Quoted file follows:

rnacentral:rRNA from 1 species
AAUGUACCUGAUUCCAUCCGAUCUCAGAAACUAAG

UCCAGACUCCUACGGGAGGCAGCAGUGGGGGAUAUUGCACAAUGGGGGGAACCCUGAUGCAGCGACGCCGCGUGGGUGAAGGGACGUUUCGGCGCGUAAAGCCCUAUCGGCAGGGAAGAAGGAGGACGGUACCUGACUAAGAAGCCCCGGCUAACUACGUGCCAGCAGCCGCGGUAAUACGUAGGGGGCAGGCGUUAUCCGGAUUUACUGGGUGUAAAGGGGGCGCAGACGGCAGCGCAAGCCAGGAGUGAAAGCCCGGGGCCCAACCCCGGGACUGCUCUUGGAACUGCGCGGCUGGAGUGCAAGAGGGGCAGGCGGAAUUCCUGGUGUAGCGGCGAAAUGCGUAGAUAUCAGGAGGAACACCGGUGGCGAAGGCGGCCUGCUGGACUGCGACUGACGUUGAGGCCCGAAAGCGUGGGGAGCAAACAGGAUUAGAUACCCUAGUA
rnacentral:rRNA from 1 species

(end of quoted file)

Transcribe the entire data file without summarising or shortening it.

rnacentral:rRNA from 1 species
AAUGUACCUGAUUCCAUCCGAUCUCAGAAACUAAG

UCCAGACUCCUACGGGAGGCAGCAGUGGGGGAUAUUGCACAAUGGGGGGAACCCUGAUGCAGCGACGCCGCGUGGGUGAAGGGACGUUUCGGCGCGUAAAGCCCUAUCGGCAGGGAAGAAGGAGGACGGUACCUGACUAAGAAGCCCCGGCUAACUACGUGCCAGCAGCCGCGGUAAUACGUAGGGGGCAGGCGUUAUCCGGAUUUACUGGGUGUAAAGGGGGCGCAGACGGCAGCGCAAGCCAGGAGUGAAAGCCCGGGGCCCAACCCCGGGACUGCUCUUGGAACUGCGCGGCUGGAGUGCAAGAGGGGCAGGCGGAAUUCCUGGUGUAGCGGCGAAAUGCGUAGAUAUCAGGAGGAACACCGGUGGCGAAGGCGGCCUGCUGGACUGCGACUGACGUUGAGGCCCGAAAGCGUGGGGAGCAAACAGGAUUAGAUACCCUAGUA
rnacentral:rRNA from 1 species